text and photos by Sue George

Most folks who aren't Mopar-owners who browse around Mopar car shows don't realize there was a special NASCAR model of Charger built in 1969 that didn't exactly stand out in a crowd. It's not an in-your-face Charger like the Daytona, however it is the predecessor of the Daytona. More often than not, I've noticed that people walk right by a row of Chargers and don't even notice the 1969 Charger 500 that sits among them. Yet it was instrumental to the winged cars being built.

The 1969 Charger 500 was a mutation of the Charger. When Chrysler realized that the standard 1969 Charger was not doing well on the NASCAR Superspeedways like they had hoped, they took a second look at the body style. Chrysler aerodynamicists decided the standard Charger's recessed grille with headlight covers grabbed a lot of air and slowed the car down. To improve the aerodynamics of the front end, they put a new grille in and moved it out flush with the front fenders. The headlights were left exposed. This marginally improved the Charger in the wind tunnel tests but Chrysler realized they could do better. They added flush covers on the A-pillars to further stream-line the front end.

They also realized that the rear tunnel (flying buttress) window created a vacuum directly behind the roof area which caused a tremendous amount of drag. They tried to counteract the drag with a little ducktail on the truck lid. It wasn't enough. So they went to extreme measures and redesigned the rear window area to be a flush fastback. They broke out the existing rear window (actually leaving some of the broken glass inside the rear package tray area), spot welded in a new window plug which extended the window out over the forward rear deck area, put in a long flat window glass, shortened up the trunk opening and the deck lid and then put the car in the wind tunnel. At first it looked like this was going to be the new great racecar from Chrysler.

Unfortunately, NASCAR drivers that tested the 1969 Charger 500 on the Chrysler Proving Grounds test track soon found out the car was uncontrollable in the corners at speeds in excess of 120 mph. The front end still had too much drag and the rear end had too much lift due to the aerodynamic roof/rear window area. It was no more successful on the Superspeedway than it was on the test track. Only approximately 330 1969 Charger 500s were built. It was a very short-lived body style as it did not satisfy the needs of Chrysler to win races. However, it holds a very important place in Chrysler's history in racing. It  was the same aerodynamic rear window plug that ended up in the 1969 Daytona which replaced the 1969 Charger 500 after a few short months of production. And it was because of wind tunnel tests done on the Charger 500 that Chrysler found the magic answer to a very stable race car: a nosecone with a spoiler underneath and a big wing on the rear deck to create down-force and keep the rear end down.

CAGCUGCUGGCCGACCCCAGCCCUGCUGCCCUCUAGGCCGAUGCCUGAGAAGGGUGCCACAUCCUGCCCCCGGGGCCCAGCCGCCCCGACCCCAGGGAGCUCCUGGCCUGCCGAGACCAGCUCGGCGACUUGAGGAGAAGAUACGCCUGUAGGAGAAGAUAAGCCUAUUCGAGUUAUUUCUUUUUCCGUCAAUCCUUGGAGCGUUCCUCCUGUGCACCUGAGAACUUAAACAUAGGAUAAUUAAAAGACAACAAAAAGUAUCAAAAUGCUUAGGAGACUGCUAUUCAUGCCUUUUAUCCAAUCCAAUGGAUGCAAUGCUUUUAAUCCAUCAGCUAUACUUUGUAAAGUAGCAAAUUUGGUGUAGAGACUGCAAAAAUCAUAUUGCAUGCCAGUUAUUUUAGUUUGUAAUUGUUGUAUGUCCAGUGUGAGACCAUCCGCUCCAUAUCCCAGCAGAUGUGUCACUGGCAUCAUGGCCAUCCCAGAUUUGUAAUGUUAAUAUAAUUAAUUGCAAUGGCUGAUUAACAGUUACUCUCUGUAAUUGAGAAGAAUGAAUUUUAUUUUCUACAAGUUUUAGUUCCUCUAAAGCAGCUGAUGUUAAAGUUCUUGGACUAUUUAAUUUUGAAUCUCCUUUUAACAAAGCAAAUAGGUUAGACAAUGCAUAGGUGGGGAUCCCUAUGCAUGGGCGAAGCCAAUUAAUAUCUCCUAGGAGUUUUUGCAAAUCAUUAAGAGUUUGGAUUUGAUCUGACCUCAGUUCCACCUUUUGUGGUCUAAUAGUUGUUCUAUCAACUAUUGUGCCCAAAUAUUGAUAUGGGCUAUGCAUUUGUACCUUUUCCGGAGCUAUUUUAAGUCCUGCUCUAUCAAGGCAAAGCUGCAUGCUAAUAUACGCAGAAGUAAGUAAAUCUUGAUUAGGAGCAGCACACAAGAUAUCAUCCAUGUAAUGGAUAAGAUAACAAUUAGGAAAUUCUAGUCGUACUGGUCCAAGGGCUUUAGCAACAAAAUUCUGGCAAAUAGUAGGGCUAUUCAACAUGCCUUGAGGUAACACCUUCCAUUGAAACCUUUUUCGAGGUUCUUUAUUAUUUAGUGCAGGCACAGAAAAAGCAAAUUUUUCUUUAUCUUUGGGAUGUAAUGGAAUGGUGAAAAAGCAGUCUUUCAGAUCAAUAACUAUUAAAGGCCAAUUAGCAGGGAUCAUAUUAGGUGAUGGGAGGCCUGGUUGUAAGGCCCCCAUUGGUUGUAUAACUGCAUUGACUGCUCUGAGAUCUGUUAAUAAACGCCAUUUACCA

So the next time you walk past a row of Chargers and they all look the same, look again. From the side a 1969 Charger 500 looks just like a standard 1969 Charger. They were available with the same engine choices as the 1969 Charger R/T (440 4bbl or 426 Hemi) and were available in all of the 1969 R/T colors. Any combination of body color and stripe color was possible, since Chrysler did not specify to Creative Industries that a certain stripe had to go with any particular body color. In fact, there is an F8 green 1969 Charger 500 with a factory-installed red stripe! Below is a 1969 Charger 500 on the left, and a standard 1969 Charger on the right.

But from any other angle, you can see the differences between the two models. Below, the standard 1969 Charger in the two photos to the left have a recessed front grille with hidden headlights. The 1969 Charger 500 front end on the right has a flush front grille area and exposed headlights. Look closely and you can also see the stainless steel mouldings used on the 500's A-pillar.

Shown below on the left, from the rear view, the 1969 Charger has a tunneled rear window, with the glass positioned almost perfectly vertically. Chrysler designers called this the "flying buttress". On the right, the two photos show the 1969 Charger 500 rear window plug, new window placed at more of a horizontal angle and the shortened deck lid. 

One last interesting note: the 1969 Charger 500 is the ONLY Charger 500 that has the special rear window plug and flush front end. The 1970 Charger 500 was just a standard Charger body.


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